In the long-term, it is necessary to develop a National Fire Danger Rating System so that daily forest fire forecasts can be made.
Notify all communities, commercial farms and organizations within high fire risk areas to take necessary prevention actions. Provide guidelines to local communities and commercial farms on prevention measures to be taken during the various phases of the fire season.
Encourage all regional/district MET-offices to construct signboards or warning notice boards displaying current forest fire danger level.
Strengthen D.o.F/MET information network at all levels to be able to provide information quickly so that field officers and staff can make adjustments on the signs as reflected by the current fire danger level.
Principles governing an Early Fire Detection System
Early fire suppression may be achieved when an early detection system has been established and operates well at all levels. This achievement is closely related to the establishment of a fire organization with its root in HQ and branches covering the fire prone areas of Namibia.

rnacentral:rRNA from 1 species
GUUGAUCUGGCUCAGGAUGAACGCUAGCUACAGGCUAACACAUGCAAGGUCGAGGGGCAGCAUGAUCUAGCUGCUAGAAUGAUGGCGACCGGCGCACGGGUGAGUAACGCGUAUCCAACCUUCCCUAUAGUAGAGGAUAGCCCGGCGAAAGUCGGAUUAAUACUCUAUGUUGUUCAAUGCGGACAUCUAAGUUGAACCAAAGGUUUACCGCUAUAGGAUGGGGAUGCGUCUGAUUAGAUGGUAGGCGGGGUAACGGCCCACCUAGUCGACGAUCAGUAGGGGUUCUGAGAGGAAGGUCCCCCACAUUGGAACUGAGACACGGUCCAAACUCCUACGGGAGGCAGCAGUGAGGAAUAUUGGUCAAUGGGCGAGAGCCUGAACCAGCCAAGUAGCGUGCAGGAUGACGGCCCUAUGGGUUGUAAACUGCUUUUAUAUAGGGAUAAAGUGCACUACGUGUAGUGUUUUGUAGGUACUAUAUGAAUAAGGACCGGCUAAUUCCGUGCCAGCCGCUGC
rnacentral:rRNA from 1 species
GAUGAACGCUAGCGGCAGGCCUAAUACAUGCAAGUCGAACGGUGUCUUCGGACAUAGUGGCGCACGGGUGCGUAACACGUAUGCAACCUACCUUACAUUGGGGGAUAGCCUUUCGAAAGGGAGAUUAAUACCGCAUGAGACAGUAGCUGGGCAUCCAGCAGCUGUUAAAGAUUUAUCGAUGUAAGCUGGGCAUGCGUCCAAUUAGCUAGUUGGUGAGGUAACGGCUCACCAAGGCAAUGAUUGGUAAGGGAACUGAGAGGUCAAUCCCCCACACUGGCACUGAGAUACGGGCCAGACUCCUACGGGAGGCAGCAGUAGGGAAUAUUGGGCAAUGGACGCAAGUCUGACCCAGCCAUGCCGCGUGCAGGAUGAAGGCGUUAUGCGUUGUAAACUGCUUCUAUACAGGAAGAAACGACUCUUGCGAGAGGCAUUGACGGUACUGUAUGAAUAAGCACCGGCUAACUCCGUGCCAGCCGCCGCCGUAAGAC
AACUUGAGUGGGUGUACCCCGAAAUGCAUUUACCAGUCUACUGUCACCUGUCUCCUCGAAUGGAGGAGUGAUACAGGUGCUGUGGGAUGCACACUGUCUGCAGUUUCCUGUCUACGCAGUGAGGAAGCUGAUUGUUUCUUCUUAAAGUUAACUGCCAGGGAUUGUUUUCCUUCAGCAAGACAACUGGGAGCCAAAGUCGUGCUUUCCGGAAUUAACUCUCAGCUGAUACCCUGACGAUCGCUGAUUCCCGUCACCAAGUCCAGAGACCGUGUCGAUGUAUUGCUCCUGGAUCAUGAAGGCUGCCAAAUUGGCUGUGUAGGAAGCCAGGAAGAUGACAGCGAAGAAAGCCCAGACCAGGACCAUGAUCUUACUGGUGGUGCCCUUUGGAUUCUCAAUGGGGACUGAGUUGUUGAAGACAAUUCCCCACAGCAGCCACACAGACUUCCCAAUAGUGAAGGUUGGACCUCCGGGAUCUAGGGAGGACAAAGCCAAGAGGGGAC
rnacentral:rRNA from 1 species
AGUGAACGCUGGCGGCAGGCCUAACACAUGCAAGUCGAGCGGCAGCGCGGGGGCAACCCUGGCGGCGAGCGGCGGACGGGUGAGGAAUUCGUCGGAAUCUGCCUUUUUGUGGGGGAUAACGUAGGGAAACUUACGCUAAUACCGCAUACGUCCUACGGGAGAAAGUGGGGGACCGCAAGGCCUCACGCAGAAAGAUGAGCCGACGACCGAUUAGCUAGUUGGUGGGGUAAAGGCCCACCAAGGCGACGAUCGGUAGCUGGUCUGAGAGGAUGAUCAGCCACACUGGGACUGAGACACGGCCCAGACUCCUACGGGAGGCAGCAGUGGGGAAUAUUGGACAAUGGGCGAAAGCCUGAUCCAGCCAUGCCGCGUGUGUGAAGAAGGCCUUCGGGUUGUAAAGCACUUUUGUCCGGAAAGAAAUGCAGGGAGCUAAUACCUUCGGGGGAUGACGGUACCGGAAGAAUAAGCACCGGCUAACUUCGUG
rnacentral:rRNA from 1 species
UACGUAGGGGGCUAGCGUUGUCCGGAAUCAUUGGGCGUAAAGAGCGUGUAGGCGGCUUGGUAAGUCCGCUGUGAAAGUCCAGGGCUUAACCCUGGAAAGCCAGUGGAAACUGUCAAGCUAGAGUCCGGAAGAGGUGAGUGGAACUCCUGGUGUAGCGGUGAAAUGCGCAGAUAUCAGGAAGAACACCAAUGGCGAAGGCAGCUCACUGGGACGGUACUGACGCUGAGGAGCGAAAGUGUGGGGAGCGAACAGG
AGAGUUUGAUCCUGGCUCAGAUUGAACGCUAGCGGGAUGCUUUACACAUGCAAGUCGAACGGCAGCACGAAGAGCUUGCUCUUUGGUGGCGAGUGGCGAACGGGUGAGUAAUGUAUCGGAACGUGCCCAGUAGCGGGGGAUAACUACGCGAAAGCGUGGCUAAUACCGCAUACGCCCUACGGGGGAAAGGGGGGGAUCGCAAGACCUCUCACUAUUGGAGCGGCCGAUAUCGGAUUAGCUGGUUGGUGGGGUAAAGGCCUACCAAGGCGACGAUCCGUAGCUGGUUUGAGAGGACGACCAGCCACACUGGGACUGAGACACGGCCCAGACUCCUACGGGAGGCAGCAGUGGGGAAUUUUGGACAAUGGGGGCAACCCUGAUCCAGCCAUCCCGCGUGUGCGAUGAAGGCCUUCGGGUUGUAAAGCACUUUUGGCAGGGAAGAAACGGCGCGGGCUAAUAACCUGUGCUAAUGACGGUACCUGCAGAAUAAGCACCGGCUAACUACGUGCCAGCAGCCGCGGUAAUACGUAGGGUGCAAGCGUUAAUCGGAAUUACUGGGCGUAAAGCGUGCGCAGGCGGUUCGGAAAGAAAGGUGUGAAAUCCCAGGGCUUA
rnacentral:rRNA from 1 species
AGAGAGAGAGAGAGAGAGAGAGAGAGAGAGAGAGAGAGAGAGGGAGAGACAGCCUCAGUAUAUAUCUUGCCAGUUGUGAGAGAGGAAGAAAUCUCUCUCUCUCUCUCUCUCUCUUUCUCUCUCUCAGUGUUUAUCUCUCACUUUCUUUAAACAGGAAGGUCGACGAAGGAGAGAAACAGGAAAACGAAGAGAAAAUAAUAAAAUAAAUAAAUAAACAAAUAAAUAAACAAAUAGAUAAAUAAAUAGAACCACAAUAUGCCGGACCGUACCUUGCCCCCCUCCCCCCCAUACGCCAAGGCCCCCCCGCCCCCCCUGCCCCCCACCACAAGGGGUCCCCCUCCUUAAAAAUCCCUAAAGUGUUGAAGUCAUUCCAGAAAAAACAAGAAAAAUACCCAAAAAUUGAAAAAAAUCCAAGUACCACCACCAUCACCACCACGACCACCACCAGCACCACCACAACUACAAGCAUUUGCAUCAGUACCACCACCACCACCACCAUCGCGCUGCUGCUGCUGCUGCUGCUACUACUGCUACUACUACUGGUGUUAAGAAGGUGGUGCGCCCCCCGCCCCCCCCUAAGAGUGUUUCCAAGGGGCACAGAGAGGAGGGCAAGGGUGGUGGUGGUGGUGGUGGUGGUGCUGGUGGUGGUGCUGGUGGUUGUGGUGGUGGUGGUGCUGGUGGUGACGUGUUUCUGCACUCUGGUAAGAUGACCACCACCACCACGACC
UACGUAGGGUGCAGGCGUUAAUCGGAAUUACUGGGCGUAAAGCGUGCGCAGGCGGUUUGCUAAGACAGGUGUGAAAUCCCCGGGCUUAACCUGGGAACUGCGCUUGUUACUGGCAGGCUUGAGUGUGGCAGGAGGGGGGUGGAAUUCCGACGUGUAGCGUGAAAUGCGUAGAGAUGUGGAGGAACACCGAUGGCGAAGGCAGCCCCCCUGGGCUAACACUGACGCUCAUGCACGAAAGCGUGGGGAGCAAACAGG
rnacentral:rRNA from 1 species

Early detection is possible by using by alerting all traditional authorities, Government offices and Fire Protection Associations. Alerting people could take place by using NBC radio, wooden drums, hand held radios. In addition, optimal use of existing means such as ground patrolling, watching from fire towers or look-out posts, will ensure that fire may be detected at an early stage.
For forest areas in remote and inaccessible areas, it is necessary to establish co-operative agreements with other institutions and Government agencies and Farm Associations. The central level of the Directorate of Forestry (D.o.F.) should initiate the construction of a satellite receiving station to cover the forest areas of Namibia. The fire information can be delivered by: phone, fax or e-mail.
The satellite data may be verified through the Global Fire Monitoring Center in Freiburg, Germany.
Encourage all forest management units at field level to prepare detection facilities and infrastructure such as fire lookouts and to strengthen the detection system in their respective areas. D.o.F. offices should provide guidance to all stakeholders regarding the development and implementation of local detection systems.
To strengthen the detection capabilities and responsibilities of traditional authorities by explaining their responsibilities towards management of forest fires as outlined in The Traditional Authorities Act and the new Forest Bill.
Use traditional ways of relaying messages to neighbouring communities or NBC radio, in commercial areas by hand held radios or by commercial radio stations.
Formalize co-operative agreements with stakeholders and air transport operators and with the national airline (AirNamibia).